Q. Just what may go on the communion table? Flowers? Offering plates? Open Bibles? Fake communion bread?
A. Let me begin by suggesting that you restate the question. When we speak about what we may or may not do, we are using law-like language to speak of worship practices. This kind of language (about what is “right” and “wrong”) may lead us to solid worship practices. But it may unwittingly suggest that worship is a chore to perform according to a set of rules. The result is right, but the spirit is wrong.
Instead, how about asking, How can our communion table communicate the meaning of the sacrament in the most profound way? That is a constructive way of asking the question that invites people to think about the details of worship in a new way. The answer to the question might turn out to be the same, but the spirit of the discussion will be more inviting.
So, fake bread is not a way to communicate the meaning of worship in a profound way. It suggests, if anything, that worship is fake, unreal, or plastic—somewhat like plastic flowers on a grave. Offering plates aren’t good either. They suggest that the table is a place where we do something for God, rather than a place where God does something for us. An open Bible certainly isn’t visually heretical—but the pulpit is the place that visually testifies to the importance of the Word. Why not have the table complement rather than restate the visual proclamation of the pulpit? Flowers may beautify the table, but they don’t add to the visual communication of what the table is all about. They may even crowd out the items that would communicate the meaning of the table.
Instead, let the table testify to the wonder of God’s provision for our spiritual nourishment. I would recommend the use of a simple cup (chalice), pitcher, and plate (paten). Whenever possible, let them be sculpted out of clay, the stuff of the earth. And whenever possible, include a short note in your printed order of worship that reminds worshipers of the provision that the table represents. Better yet, use your table frequently for celebrations of the Lord’s Supper. Then the matter of what you have on the table during other services won’t be much of an issue!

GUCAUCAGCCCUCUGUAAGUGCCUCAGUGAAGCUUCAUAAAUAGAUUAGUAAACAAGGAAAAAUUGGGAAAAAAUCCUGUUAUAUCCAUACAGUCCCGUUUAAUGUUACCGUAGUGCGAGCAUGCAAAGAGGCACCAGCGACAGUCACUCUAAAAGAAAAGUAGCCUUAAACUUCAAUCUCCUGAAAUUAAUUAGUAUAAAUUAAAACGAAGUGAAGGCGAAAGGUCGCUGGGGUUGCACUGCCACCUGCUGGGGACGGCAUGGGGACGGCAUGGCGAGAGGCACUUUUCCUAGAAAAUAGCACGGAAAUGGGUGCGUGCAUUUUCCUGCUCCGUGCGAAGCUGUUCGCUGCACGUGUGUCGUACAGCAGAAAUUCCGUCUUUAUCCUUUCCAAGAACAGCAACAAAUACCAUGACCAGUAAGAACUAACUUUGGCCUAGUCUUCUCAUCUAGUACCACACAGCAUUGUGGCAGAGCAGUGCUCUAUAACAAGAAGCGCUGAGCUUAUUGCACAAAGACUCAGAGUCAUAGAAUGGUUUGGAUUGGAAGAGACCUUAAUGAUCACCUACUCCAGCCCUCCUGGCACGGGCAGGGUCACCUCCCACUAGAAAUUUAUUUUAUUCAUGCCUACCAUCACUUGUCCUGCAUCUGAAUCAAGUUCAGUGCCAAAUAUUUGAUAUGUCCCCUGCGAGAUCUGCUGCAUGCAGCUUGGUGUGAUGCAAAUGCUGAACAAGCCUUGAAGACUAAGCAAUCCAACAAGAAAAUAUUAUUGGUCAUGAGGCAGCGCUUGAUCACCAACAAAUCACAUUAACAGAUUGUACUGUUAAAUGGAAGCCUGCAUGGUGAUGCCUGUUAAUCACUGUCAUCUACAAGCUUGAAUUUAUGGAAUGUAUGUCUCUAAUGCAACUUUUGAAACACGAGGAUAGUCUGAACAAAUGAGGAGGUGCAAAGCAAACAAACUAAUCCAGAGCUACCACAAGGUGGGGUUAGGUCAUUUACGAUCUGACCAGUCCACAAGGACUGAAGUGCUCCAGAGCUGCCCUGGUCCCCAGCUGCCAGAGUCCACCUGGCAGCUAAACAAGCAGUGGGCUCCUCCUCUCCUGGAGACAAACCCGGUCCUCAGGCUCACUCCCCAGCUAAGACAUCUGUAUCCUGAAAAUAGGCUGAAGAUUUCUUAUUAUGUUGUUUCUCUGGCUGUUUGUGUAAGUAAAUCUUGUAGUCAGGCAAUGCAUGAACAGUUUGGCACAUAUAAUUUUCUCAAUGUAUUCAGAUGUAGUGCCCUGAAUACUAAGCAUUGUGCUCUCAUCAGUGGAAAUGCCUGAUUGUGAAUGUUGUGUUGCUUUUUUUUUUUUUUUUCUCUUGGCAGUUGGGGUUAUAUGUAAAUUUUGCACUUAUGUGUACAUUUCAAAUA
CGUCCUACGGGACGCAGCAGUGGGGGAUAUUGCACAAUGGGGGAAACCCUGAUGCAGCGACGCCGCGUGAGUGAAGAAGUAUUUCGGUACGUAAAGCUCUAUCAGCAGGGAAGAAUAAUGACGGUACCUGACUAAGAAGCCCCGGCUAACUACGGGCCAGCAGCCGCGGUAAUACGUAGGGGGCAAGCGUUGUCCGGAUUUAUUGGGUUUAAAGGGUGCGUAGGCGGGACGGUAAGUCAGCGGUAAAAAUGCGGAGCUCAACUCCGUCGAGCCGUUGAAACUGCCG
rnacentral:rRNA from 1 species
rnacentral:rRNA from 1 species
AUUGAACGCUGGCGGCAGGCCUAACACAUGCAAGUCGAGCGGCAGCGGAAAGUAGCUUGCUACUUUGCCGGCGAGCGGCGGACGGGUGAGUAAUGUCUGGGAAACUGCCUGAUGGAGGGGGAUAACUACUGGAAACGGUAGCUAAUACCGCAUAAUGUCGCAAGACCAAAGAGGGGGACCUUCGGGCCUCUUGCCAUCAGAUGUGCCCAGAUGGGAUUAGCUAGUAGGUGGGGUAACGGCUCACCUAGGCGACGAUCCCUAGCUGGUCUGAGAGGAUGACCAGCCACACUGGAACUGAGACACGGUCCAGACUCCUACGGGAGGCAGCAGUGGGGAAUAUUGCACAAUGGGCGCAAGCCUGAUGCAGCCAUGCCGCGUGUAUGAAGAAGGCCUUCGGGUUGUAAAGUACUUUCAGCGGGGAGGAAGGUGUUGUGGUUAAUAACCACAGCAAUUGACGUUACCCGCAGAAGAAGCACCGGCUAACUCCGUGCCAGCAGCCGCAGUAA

Q. What do the candles on the Advent wreath really stand for?
A. You can walk into four neighboring churches during Advent and hear four different explanations for what the candles represent. One church may pronounce that the candles refer to four people or groups of people, perhaps Mary, Joseph, the Magi, and the shepherds. Another may associate them with four different angels, and yet another with four different Old Testament prophets. Another may say that they refer to four virtues—hope, peace, joy, and love. This virtues list may be the most common.
Candles are a sign of waiting. They are typically lit during vigils—times when we wait for significant events. The main point is not to dwell on these specifics, but rather to signal a great crescendo of anticipation and hope during the Advent season.
Q. Why is one of our Advent candles pink?
A. The pink candle requires that you understand the link between Advent and Lent. Despite our temptation to make Advent one big happy celebration, Advent and Lent have historically been seen as penitential seasons, times of quiet and sober self-reflection in preparation for the big celebrations of Christmas and Easter. The medieval church designated the fifth Sunday of Lent (called Laetare Sunday or “Joy” Sunday) as a purposeful interruption in this sobriety.
The same happened in the shorter season of Advent: the third Sunday was set aside as a joyful interruption in the quiet, self-reflective worship of the rest of Advent.
If your church practices Advent as a penitential season and recognizes the importance of the virtue of Christian joy in the midst of this vigil, then by all means light the pink candle. But if your church doesn’t observe these, then the detail of that pink candle may be too fussy to be genuinely meaningful. You might consider following the pattern of some churches by replacing the pink candle with another purple one.
We hope you find Q&A stimulating. We also hope that you’ll join in the dialogue. Send your questions about worship to Reformed Worship Q&A by mail (2850 Kalamazoo Ave. SE Grand Rapids, MI 49560), fax (616-224-0803) or e-mail (email@example.com).